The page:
Hold Fast to the Promise
The above quote is taken from very near the end of Irving Stone's biographical novel The Origin (1980). In the context of Stone's narration of Charles Darwin's life, the passage is fitting enough—Darwin had a number of exceedingly close colleagues with whom he shared interests and ideas, experiments and speculations, and this feels familiar, somehow. But how, exactly? Is it familiar today? Is it not extraordinary, to work at one's dreams with the encouragement of one's peers?
In his short autobiography, Darwin touched on what personal characteristics he figured had enabled him to accomplish so much in the course of his life:
Those virtues which follow love in Darwin's self-evaluation can be seen as constituents of love: patience, reflection, hard work, remembrance, invention, common sense. Each quality is deep and rewarding; and Darwin's calling them "moderate abilities" is at once a nod towards humility and towards the incredible power of moderation, which carries the suggestion of facilitation, cooperation and community. (The idea of "keeping within due measure" stems from the Latin modus, "measure," which carries with it notions of rhythm, song, and style.) This brings us back to the so-called "corporate body" of Darwin's immediate contemporaries.
I'm trying to talk about the importance of silence, about forgiving ourselves for all the noise we make. Friends afford and ensure one another silence and forgiveness alike. In The Origin Stone wrote about a number of occasions in which the competition of science put friendships under great strain. Anyone who has been in a classroom (perhaps especially an MFA writing workshop) will understand when I say that sometimes it feels like we're all just trying to figure out what it means to be a part of something. David Mutschlecner's notion of "radical contingency" comes to mind over and over again.
I hope you'll forgive me for (adding that I'm) having trouble integrating all the different profound points of interest that have brought me to this place, this feeling of deep undying respect (awe? fear?) for silence, for the space between. I like the community Robert Hass assumed/invited when he said (in one of Pearl London's workshops at the New School, 1977): "Of course, setting out consciously to write about anything, I'm sure you all know, does absolutely no good." Is it the "consciously" part that gets in the way? Or is it the writing, the codification, the record-keeping? Or perhaps it's the standard, the idea of doing "good"?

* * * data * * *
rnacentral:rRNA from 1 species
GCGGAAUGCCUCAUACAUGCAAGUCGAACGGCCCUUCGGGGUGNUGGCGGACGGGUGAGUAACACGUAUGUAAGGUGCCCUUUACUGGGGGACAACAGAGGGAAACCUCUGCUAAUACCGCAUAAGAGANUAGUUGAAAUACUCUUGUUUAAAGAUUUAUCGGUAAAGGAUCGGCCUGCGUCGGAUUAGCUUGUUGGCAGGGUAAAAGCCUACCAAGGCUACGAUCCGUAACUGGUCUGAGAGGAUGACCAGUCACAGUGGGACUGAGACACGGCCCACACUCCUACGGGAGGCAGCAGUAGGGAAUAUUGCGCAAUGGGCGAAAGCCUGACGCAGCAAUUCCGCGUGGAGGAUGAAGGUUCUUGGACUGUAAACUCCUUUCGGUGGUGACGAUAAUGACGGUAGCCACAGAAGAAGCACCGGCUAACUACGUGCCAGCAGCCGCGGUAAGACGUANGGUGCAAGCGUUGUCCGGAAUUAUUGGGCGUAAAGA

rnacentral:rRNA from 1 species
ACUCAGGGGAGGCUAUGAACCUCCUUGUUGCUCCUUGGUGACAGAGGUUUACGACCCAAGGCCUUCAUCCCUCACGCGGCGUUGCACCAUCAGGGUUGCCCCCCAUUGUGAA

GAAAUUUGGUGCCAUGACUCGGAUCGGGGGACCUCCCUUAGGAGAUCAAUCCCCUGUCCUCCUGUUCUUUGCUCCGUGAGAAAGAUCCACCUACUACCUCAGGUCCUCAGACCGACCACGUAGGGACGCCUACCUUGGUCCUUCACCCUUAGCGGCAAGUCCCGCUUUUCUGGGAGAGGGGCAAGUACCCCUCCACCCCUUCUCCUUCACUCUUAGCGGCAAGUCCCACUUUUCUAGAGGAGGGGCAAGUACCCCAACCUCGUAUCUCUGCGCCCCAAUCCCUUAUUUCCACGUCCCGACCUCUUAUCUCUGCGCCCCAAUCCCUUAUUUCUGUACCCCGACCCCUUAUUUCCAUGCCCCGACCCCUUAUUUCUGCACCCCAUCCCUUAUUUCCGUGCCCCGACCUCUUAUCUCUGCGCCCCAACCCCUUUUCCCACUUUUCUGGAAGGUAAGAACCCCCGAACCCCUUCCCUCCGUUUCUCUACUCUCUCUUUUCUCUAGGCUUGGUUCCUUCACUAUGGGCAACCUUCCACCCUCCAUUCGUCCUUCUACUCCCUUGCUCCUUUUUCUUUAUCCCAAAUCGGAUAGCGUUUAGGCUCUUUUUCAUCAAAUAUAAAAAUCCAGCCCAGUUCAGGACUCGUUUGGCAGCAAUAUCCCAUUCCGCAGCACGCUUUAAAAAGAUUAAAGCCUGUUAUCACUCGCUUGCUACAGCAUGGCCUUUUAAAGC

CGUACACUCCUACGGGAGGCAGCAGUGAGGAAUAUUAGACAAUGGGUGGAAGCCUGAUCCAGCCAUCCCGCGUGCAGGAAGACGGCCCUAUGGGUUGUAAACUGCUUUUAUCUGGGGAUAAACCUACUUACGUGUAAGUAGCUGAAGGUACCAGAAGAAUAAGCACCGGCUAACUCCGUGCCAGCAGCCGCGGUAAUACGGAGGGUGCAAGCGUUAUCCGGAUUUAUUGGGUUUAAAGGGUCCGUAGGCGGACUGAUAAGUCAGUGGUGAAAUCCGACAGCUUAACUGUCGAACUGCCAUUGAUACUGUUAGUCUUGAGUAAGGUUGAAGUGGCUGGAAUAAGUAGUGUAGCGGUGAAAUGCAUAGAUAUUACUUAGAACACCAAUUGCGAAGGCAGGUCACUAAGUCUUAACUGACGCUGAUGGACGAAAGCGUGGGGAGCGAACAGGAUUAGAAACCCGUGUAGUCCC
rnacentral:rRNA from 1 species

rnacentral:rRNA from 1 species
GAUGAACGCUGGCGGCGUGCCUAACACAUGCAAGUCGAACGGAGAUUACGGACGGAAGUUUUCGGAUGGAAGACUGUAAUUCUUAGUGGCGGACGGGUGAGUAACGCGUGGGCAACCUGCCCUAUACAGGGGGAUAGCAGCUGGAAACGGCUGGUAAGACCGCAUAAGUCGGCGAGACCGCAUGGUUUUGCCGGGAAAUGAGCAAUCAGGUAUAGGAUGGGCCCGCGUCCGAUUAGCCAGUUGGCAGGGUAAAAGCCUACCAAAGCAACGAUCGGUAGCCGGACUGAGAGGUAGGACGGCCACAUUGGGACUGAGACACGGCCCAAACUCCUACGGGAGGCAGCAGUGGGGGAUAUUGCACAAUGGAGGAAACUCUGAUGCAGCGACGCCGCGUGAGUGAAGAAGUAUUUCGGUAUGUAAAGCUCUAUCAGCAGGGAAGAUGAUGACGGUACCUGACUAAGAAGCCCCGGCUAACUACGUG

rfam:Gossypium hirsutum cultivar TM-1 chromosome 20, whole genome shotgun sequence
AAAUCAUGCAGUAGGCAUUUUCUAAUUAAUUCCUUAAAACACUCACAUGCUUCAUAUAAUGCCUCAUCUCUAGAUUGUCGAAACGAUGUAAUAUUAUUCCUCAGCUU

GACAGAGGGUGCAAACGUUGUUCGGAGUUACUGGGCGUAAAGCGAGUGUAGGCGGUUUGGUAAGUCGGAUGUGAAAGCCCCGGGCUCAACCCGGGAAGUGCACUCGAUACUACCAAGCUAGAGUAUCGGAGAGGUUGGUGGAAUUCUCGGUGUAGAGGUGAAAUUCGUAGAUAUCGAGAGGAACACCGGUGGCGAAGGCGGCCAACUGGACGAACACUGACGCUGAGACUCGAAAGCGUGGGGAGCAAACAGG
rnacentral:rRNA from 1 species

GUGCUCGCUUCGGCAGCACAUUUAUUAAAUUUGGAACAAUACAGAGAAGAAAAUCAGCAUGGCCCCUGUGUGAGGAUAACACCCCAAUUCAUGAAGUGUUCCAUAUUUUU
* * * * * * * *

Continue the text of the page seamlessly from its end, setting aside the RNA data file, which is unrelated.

While visiting David (Mutschlecner) in Santa Fe, New Mexico, with Indigo, he handed us a copy of Allison Cobb's After We All Died (Ahsahta Press, 2016). The first official piece/poem in the collection is called "I forgive you," and in it Cobb addresses the human body in all its concrete, utilitarian particulars. The poem is simultaneously life-giving and life-halting; Cobb spreads out the body's gruesome particulars (on the page) with the tactical comprehension of a surgeon and the total compassion of a poet. That each sentence begins with the words "I forgive you" is hard to believe, hard to deny, hard to stomach. There we are/one is, lovingly mutilated, available for viewing, offered up like a sacrifice. Here I begin to comprehend the tragedy that Cobb so doubtlessly perceives.